Monday Birthday Week 2020 giveaway: Jessica Dupuy’s “The Wines of Southwest USA.”

Win an autographed copy of Jessica Dupuy’s “The Wines of Southwest USA”

And the winner is: Marty, who selected 601; the winning number was 625 (screen shot below).  Thanks to everyone who participated. Tomorrow’s giveaway is a pair of Wine Not women’s slippers. That will be the second of five daily giveaways; check out this post to see the prizes for the rest of the week.


Today, to celebrate the blog’s 13th anniversary, we’re giving away an autographed copy of Jessica Dupuy’s “The Wines of Southwest USA.” This is the first of five daily giveaways; check out this post to see the prizes for the rest of the week.

Complete contest rules are here. Pick a number between 1 and 1,000 and leave it in the comment section of this post. You can’t pick a number someone else has picked, and you need to leave your guess in the comments section of this post — no email entries or entries on other posts. Unless the number is in the comments section of this post, the entry won’t count.

If you get the blog via email or RSS, you need to go to this exact post on the website to enter (click the link to get there). At about 5 p.m. central today, I’ll go to random.org and generate the winning number. The person whose entry is closest to that number gets the gift card.

The WC video redux: Holiday wine tips

Plus, opening a sparkling wine bottle in just one take

Yes, this post ran about this time last year, but I wanted to put it up again for a couple of reasons. First, it’s timely — and a damn fine job, if I say so myself. Many thanks to host Michael Sansolo; his show is “Shopping with Michael” for the Private Label Manufacturers Association.

The other reason? Because this was the only video we did as part of the PLMA’s private label wine project. Our goal was to convince U.S. supermarkets to do for private label wine what European supermarkets do — high quality and low price.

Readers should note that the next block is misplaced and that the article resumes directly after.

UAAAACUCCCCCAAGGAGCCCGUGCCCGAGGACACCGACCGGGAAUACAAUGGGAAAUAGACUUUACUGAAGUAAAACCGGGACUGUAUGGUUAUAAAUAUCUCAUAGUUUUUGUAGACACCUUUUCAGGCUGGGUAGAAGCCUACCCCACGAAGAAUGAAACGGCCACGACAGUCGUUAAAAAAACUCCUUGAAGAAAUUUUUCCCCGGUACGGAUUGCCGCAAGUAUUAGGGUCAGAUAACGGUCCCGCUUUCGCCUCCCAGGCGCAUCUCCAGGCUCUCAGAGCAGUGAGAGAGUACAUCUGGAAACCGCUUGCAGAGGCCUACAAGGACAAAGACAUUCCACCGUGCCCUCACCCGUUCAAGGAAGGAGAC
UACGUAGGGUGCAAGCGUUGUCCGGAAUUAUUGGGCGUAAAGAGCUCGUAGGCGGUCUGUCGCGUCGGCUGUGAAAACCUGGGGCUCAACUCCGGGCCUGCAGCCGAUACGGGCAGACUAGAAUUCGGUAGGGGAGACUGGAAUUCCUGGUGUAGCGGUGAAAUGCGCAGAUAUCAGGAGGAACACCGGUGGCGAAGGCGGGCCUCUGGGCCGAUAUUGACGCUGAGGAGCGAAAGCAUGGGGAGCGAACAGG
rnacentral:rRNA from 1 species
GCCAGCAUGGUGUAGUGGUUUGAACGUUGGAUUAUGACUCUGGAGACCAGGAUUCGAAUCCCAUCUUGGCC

But the pandemic edged our effort to the sidelines. And, more sadly, long-time PLMA president Brian Sharoff died at the end of the spring, and it was his vision that started the project. Brian gave me a chance to work on it, and I will always be grateful for the opportunity.

So, I’m posting this one more time for Brian. He is much missed, and not just because he always made fun of my hats.

Birthday Week 2020 starts Monday

birthday weekThe blog’s 13th annual Birthday Week starts Monday, with our usual assortment of terrific prizes

Birthday Week 2020, the 13th annual, begins on Monday with five days of prizes for the blog’s readers. The daily giveaways are the Wine Curmudgeon’s annual thank you to everyone who reads the blog and visits the site, since none of this would happen without you. And who wouldn’t enjoy a  prize or two in the middle of a pandemic and recession?

Contest rules are here. Those of you who get the blog via email or RSS will need to go to winecurmudgeon.com and click on that day’s prize post to enter.

Each day next week, a prize post will run in addition to the regular post. Pick a number between 1 and 1,000 and leave it in the comment section of the prize post. You can’t pick a number someone else has picked, and you need to leave your guess in the comments section of the post — no email entries or entries on other posts, like this one. Unless the number is in the comments section of the prize post, the entry won’t count.

This year’s prize schedule:

• Monday: An autographed copy of Jessica Dupuy’s “The Wines of Southwwest USA.

• Tuesday: Wine Not women’s slippers, which keeps your feet warm and is funny.

• Wednesday: A $100 gift card from Wine.com. Thanks to Wine.com, a long-time supporter of the blog and what we do here.